The third episode of Between Two Worlds (Sunday on Seven) should have been promoted as the “must-see” episode of the series. Instead, it’s been replaced (by a repeat, no less) and bumped to 10pm. Although pop-up graphics during other shows on Seven still list BTW as 8.30pm.
There was barely any promotion and no encore screenings of the new Aussie drama. It’s also hard to find on 7plus, because that catch up site prioritises old and short-lived American and British series instead. Oh well, at least this is convenient evidence for the case that local quota points should be dumped forever.
At least we still have classy reality franchises like The Masked Singer (Monday on Ten) and The Bachelor (Wednesday on Ten). Survivor contestant Locky Gilbert looks like a nice bloke, but it’s all those candidates that are the problem. The worst of them sign up for more humiliation on Bachelor in Paradise (Sunday on 10), only to then complain about being “badly edited”.
Real love is really just a concept for desperadoes more interested in fame. Bachelor rejects boast to gossipy rags how they hook up with failed wannabes from other franchises like Love Island Australia. And why stop there? A quick look at Indian Matchmaking (Netflix) shows there is a never-ending supply of narcissistic desperadoes all over the world, even though some come with interfering parents and all-knowing Aunties.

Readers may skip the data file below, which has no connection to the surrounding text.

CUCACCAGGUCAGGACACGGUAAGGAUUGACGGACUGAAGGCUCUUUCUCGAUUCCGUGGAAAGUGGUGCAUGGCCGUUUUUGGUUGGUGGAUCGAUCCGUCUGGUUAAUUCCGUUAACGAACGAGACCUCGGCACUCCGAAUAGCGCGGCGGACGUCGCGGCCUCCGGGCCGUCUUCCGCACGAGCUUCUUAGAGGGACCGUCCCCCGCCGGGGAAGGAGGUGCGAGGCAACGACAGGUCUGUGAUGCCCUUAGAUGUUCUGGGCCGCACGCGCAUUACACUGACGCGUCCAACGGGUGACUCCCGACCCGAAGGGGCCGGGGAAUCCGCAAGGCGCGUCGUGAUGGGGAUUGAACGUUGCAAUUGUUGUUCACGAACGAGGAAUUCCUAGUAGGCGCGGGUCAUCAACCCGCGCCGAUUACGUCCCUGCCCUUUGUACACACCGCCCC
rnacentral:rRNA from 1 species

Matchmaking is also hot in two new UK dramas, along with rich colonialists behaving badly with sultry prostitutes. The Singapore Grip (Foxtel) is set in 1942, while Little Birds (Stan) is set in Tangiers in 1955.
The Singapore Grip, screening here before the UK, is an ITV production starring Jane Horrocks (Ab Fab), David Morrissey (The Walking Dead) and Aussie actress Georgia Blizzard. It’s based on a “satirical” novel by JG Farrell and gets off to a good start.
Little Birds is a Sky Atlantic production starring Hugh Skinner (Fleabag), Jean-Marc Barr (The Big Blue) and Rossy De Palma (Women on the Verge of a Nervous Breakdown). It is “playfully inspired” by several erotic short stories by Anais Nin and is definitely the racier option.
Shaun Micallef’s On The Sauce (iview) finished strongly in its third and final episode, and gets replaced by the equally interesting Fight for Planet A: Our Climate Challenge (Tuesday on ABC). Not sure if Craig Reucassel can top Micallef going to a Straight Edge concert with pogo dancing teetotallers, but it will be fun to watch him try.